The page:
“Although the ‘Santo Rosario’ was not appropriately dressed, the priests lifted the thick blanket so she could be seen by the assemblage.  The crowd knelt reverently and gratefully prayed the “Salve”…

“The Virgin was saved!!!”

“The next day, some priests returned to the ruins of the Santo Domingo church, to the “tesoro del convento” the treasury, to retrieve boxes of documents of lesser value, but these had already disappeared in the intervening hours.  Had they not retrieved the image of the ‘Santo Rosario’ the previous night, she too, might have disappeared!!!”

“The most important thing is that the historical Virgin is still venerated at the new Santo Domingo church with the vestments, jewels, and crowns given to her by the Filipino nation.””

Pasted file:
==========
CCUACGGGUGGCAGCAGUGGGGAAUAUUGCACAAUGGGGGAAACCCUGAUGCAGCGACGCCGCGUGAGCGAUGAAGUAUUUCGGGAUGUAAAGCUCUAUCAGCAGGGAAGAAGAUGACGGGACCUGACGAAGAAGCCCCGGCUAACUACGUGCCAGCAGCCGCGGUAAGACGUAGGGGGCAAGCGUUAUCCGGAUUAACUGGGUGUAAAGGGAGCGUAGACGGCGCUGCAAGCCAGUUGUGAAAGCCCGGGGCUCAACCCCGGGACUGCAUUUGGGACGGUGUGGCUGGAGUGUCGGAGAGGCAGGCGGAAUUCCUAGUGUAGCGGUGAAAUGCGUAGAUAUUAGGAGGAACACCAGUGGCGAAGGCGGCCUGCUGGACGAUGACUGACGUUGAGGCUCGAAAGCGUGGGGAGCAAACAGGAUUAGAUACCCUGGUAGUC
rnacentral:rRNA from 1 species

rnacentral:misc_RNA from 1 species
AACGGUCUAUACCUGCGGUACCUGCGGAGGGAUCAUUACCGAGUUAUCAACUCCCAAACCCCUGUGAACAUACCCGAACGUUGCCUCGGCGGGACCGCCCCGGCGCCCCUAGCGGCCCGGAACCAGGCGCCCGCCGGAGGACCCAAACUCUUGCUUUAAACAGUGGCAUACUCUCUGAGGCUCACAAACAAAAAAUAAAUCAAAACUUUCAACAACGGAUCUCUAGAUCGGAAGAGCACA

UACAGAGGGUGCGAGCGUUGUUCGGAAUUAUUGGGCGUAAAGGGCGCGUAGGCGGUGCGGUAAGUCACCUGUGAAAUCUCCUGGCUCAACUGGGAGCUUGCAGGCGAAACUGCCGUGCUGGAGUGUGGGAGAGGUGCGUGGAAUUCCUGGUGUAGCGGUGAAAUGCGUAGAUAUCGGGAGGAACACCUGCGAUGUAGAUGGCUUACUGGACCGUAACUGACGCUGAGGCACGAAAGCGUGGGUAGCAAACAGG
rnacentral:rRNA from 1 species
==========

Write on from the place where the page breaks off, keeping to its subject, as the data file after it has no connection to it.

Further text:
Rev. Fr. Augusto Antonio, O.P. [ + 1981 ], chaplain of the Virgin, was the last aristocratic Dominican holdover from the old Santo Domingo of Intramuros.  His tenure saw the last vestiges of the elite protocol and patrician elegance which surrounded the legendary “Santo Rosario.”

After his passing, it was left to Carmen “Mengay” Reyes de Reyes [ Mrs. Vicente Cecilio Reyes ], the longtime, tradition-bound “camarera” of the image [ a lady of genuinely “de buena familia” belonging to the old, wealthy, and prominent de los Reyes clan of Cavite [ Crisanto de los Reyes ] and the Reyes clan of Manila [ Capitan Francisco Reyes ]; all the previous “camareras” of the “Santo Rosario” were absolutely “de buena familia” in order to fully understand the traditions of the image ], and an aristocratic lay holdover from the old Santo Domingo of Intramuros, to carry on the centuries-old traditions dictating the proper procedures in the conservation and preservation of the hallowed image of the “Santo Rosario.”